Amazon (NASDAQ:AMZN) and Planet Mark have called on the UK Government to provide resources to help small and medium-sized enterprises (SMEs) become more sustainable, which in turn can help the country meet its own net zero goals.
- Amazon and Planet Mark have proposed that the UK Government establishes a ‘Net Zero Resource Hub’ for SMEs.
- Of the nearly six million SMEs in the UK, which make up 99% of all businesses, 4.5 million have not yet set net zero targets.
- Research showed that SMEs are ready to do their part to decarbonise but lack the resources and support, which suggests the UK needs to do more on the policy front to meet its net zero goals.
The UK’s slow progress in implementing adequate climate change and energy transition policies is costing households and businesses, risking to jeopardise the country’s commitment to achieving net zero emissions by 2050.
In order to meet its targets, the UK will need to accelerate investments and step up its policy-making efforts on combating climate change. Amid various calls from industry actors, Norway-based DNV said that the UK is not likely to meet its “legally binding ‘Net Zero by 2050’ target”, and “will also fall short of its nationally determined contribution commitment for 2030 under the Paris Agreement”.
What are Amazon and Planet Mark asking the UK Government to do?
UK-based sustainability certification firm Planet Mark and Amazon are calling on the UK Government to take urgent action to help SMEs become more sustainable. They are asking for the creation of a government-backed resource hub, which would serve to raise awareness of the role that SMEs can play in achieving national targets. It would facilitate access to funding and give them a platform to influence legislation that could impact their businesses during the transition.
In a series of roundtable meetings across the US, Amazon and Planet Mark gathered feedback from leaders of over 40 SMEs, academics, independent consultants and industry bodies, which informed the list of recommendations being made to the UK Government.
Allowing SMEs to provide input on net-zero policy development at the regional and national level may enable them to better comply with reporting and regulatory requirements related to net zero. Establishing clear requirements and timelines for compliance would also enhance the ability of small businesses to achieve their decarbonisation plans.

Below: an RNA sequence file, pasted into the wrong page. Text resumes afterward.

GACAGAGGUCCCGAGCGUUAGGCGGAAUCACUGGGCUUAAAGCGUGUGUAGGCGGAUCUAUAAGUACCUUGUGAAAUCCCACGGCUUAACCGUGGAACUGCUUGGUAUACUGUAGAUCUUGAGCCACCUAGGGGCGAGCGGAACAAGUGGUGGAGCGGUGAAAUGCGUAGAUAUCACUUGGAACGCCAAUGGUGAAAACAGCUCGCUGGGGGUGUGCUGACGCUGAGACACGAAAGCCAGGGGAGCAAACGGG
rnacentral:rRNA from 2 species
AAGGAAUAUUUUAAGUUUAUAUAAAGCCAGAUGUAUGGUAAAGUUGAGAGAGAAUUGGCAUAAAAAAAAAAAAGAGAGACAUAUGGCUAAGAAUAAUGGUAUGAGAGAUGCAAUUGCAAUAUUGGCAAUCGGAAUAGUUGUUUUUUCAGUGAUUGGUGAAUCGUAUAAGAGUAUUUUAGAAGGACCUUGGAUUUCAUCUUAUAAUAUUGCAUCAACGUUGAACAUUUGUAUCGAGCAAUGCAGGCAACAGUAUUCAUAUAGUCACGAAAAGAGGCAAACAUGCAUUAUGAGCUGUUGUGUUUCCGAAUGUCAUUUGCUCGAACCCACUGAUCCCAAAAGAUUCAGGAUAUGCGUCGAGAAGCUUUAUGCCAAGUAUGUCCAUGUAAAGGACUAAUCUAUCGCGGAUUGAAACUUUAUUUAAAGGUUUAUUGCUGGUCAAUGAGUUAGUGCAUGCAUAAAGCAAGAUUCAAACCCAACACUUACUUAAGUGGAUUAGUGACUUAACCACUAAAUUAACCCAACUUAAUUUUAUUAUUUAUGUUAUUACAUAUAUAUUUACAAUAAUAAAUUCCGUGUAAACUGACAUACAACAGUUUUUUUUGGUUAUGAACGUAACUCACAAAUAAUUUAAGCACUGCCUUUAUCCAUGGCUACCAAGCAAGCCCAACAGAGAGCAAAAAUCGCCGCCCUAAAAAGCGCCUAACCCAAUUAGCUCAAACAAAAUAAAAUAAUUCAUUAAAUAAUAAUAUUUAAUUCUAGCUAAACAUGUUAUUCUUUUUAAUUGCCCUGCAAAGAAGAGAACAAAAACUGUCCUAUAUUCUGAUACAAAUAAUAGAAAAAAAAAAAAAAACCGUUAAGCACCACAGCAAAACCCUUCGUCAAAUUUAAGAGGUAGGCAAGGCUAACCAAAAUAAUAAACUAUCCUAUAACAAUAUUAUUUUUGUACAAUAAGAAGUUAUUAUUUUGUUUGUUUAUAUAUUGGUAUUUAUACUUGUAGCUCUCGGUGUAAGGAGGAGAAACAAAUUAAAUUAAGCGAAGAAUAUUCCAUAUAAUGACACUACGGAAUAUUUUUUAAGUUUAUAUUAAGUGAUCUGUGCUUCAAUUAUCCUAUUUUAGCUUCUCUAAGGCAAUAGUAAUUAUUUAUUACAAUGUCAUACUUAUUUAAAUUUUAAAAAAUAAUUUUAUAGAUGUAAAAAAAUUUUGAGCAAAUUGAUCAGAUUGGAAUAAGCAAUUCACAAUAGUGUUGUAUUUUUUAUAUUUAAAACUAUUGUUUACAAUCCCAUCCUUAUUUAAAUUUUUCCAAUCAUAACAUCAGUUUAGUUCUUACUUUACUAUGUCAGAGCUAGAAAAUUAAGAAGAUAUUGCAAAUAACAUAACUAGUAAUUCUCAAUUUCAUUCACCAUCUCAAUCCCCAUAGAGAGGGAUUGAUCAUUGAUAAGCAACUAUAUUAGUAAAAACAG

The two companies said that net zero regulation should include financial incentives for small businesses to help them plan and assess their financing needs to deploy low-carbon solutions. Specific suggestions included providing green tax incentives and facilitating investment in innovative low-carbon products and services.
As part of the supply chain of larger businesses, including SMEs in compliance and regulatory emissions reduction guidelines would also help to coordinate decarbonisation across entire value chains. Large companies should also support SME partners by sharing knowledge, resources and guidance.
John Boumphrey, UK country manager at Amazon, said: “We also have an opportunity and responsibility to lead by example, and encourage partners, such as the small business community – many of whom sell on Amazon, or use our products and services – to address the climate crisis and solve the challenges of decarbonising our economy.”
Does the Government know what SMEs need?
The government-sponsored Net Zero Review report, published in January 2023, established that SMEs are willing to do more to achieve net zero but face barriers in doing so. A major finding was that they lack the capital to make upfront investments in decarbonisation, which is further compounded by a prolonged payback period, given the lengthy timelines involved.
The review recommended that the Government help small businesses reduce energy costs in rented premises by coordinating between landlords and business groups, as well as setting up a mentoring programme to help micro businesses and the self-employed develop their own net zero plans.
A further recommendation was that the Government should launch a ‘Help to Grow Green’ campaign, which could build on the UK Business Climate Hub, by offering SMEs vouchers, in addition to information and resources, to invest and plan for their transition by 2024.
How does this affect the UK meeting its net zero goals?
While the findings of the Net Zero Review acknowledged the need to enable SMEs to participate in the transition to net zero, the recommendations provided by Planet Mark and Amazon suggest a lot more needs to be done in terms of policy to make this happen.
With SMEs making up 99% of all businesses in the UK and 75% lacking net zero targets, meeting the country’s nationally determined contributions and its environmental goals will require their inclusion. Lapses in the UK’s energy policy, which is a key component of its path to achieving net zero, have been cited by various studies as a big risk, hampering the country’s environmental efforts.
For example, slow progress in implementing policies has led to higher energy costs for households and businesses, while inadequate investment in energy infrastructure will require further spending on power generation, the electrical grid, EV charging infrastructure and other areas to enable its energy transition.
What is needed is a clear implementation plan from the Government that delivers the energy transition for all elements of the economy, and in every part of the country. This will require building resilience in supply chains, which will be dependent on providing the necessary resources and investment for SMEs, considering their weight in the economic value chain in the country.